As the size and complexity of data and users managed by the IBM ELM solution grow, along with the reports and queries needed to provide critical data insights, single servers for LQE and RB might be insufficient. There are patterns and techniques for achieving greater data, user, and query scale. These are detailed in Scaling the Configuration-aware Reporting Environment.
Performance and scalability
There are many variables to consider when understanding the performance and scalability of the IBM ELM solution. The best source of documented advice is in the jazz.net Deployment wiki. The principle considerations when planning for performance are to assess your fundamentals such as:
- Number of concurrent users expected at peak times
- Workloads being performed in the background
- Data set shape, sizes, and growth over time
- Server sizing (number of cores, size of RAM, disk storage speed)
The use of global configuration management will alter these characteristics. The most notable considerations specific to global configuration management are the three new applications, described earlier, each with specific needs in terms of resources required to run optimally and also scalability.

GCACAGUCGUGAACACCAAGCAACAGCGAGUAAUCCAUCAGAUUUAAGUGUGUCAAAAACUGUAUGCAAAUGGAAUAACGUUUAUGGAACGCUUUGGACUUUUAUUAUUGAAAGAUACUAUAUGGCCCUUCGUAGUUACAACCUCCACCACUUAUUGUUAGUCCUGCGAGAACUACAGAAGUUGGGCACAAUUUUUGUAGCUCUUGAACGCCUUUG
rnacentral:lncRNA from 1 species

The impact on the main ELM applications, IBM Engineering Workflow Management (EWM), DOORS Next, and IBM Engineering Test Management (ETM) are quite different, mainly due to the introduction of versioning of DOORS Next and ETM requirements and test artifacts.
For optimal performance using global configuration management, IBM recommends clients deploy 7.0 (latest iFix). There have been significant improvements made in the 7.x release stream to improve scale and reliability.
For optimal performance when using global configuration management, we recommend the use of Oracle or IBM Db2 over Microsoft SQL Server. See What’s new in IBM Engineering Lifecycle Management 7.0 enterprise deployments.